In the same spirit of tenacity, resiliency, and optimism that the tragedy of 9/11 and the history at the Marianas Memorial impress on our humanity, Mr. Juan S. Torres and I look forward with optimism in engaging in open and spirited dialogue the other worthy gubernatorial candidates, over how each and all of us intend to rebuild, restore, recover, and bring life to the many broken pieces of today’s economic wreckage in our local economy; local pension fund system; local fiscal policy and practice; local unemployment and under-employment; out-migration; local wealth creation; local health care; local creative synergy of multiple alternative energy; local workforce training and preparation; improved services to our armed forces veterans, reserve, and national guards; local, national and international air-link capacities aligned with the local hospitality industry; local infrastructure and maintenance; industry-friendly regulatory and support infrastructure; competitive trade and commerce; interisland air and ocean passenger and freight services; public-private partnerships; research and development capacities, among prevailing issues needing concentrated attention, and setting the foundation for a more progressive, prosperous, and sustainable quality of life tomorrow, and in that vein bring the focus back front and center to the interest of our people, in our march forward in celebration of the rebirth of a Commonwealth renaissance defined in a general atmosphere of “yes, we can” and “can-do” attitude—the customer-friendly government and Commonwealth that Juan S. Torres and I offer to take the Commonwealth moving forward within a term in office.

Like the trees surrounding the Marianas Memorial at the American Memorial Park in downtown Garapan and the trees around the 9/11 Memorial Plaza in downtown New York, these trees of life represent the survivor spirit in all of us, a symbolism in our collective memory of iconic moments, of the survivor tree that “demand(s) the care and nurturing of those who visit and tend them. They remember life with living forms, and serve as living representations of the destruction and renewal of life in their own annual cycles. The result is a memorial that expresses both the incalculable loss of life and its consoling re-generation as part of the spirit of rebirth.”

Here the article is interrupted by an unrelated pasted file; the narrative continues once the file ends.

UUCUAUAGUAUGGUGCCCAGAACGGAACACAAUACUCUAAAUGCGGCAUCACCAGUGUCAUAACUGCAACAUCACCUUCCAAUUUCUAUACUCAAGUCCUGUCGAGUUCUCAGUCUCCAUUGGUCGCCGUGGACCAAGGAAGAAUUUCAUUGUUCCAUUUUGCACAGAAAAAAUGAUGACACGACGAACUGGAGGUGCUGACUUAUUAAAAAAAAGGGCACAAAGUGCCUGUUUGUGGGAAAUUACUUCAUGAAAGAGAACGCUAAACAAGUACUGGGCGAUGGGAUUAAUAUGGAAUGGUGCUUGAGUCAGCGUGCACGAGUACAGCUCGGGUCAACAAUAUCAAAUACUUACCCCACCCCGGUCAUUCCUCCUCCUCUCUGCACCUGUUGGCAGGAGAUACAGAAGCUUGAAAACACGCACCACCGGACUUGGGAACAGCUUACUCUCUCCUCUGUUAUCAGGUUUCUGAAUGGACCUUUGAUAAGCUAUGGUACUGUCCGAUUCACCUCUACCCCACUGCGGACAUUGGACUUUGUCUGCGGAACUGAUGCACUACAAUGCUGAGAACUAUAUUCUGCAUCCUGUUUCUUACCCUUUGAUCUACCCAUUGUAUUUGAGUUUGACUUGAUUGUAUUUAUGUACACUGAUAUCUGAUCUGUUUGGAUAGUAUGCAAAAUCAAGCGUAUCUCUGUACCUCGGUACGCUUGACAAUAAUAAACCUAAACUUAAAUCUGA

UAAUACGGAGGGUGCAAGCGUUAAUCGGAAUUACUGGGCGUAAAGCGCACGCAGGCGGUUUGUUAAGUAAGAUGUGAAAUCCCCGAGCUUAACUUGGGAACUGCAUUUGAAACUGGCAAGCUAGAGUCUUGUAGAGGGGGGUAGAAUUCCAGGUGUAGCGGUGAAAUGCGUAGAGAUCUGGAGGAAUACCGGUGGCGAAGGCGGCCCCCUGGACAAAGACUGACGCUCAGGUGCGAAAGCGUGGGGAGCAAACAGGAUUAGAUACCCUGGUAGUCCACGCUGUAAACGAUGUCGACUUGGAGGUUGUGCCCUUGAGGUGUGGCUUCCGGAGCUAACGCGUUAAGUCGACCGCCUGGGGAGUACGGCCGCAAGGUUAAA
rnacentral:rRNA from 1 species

The CNMI electorates and the greater Northern Mariana Islands, and those living abroad, deserve and demand spirited, civil, open and fair debates on the issues that matter most and not limited, for instance, to creating good paying jobs, improving access to a quality education and health care system, reforming and saving a broken pension system, embedding alternative energy into our grid system, facilitating affordable healthcare and health insurance, among others.

Today’s voters are smart and sophisticated. Today’s voters understand they have crystal clear choice for the 2014 election for governor and lieutenant governor. Not by buying votes, as voting-by-cash (vote-buying) is undemocratic and unlawful, where authorities are all around with watchful eyes, ears, and others. Or, for that matter, by marginalizing candidates in casting aspersions on the motives of those who seek the office of governor and lieutenant governor, and stoking divisions that play into people’s worst fears. Instead, the preferred modern approach is reaching out to electorates and the community at large through educational forums, public debates, open panel discussions, etc., so that all are afforded ample opportunities to participate and engage more fully in the political process without undue pressure. In sum, we say this election is not one of personal attacks on the candidate’s integrity, by mere participation in the political process, (as one might query why would anyone want to run for office in such a toxic environment, subjecting themselves to insults), but in a civil, open, fair, and educational conversations and debates.

Juan S. Torres and I have not lost faith in the ability to improve on the lives of people. For we see the passion of young folks from the high schools and colleges in our beautiful island community, knocking on doors, making the calls, and the many FB postings. Their energy and enthusiasm are sources of our inspiration, inspiration to continue the journey and the political odyssey. When we are tired and beaten, they bring the trade winds to our face and inspire us even more to work for all in the Commonwealth as one community of diverse constituencies, just as in a tree in 9/11 in New York and a tree in Garapan’s Marianas Memorial.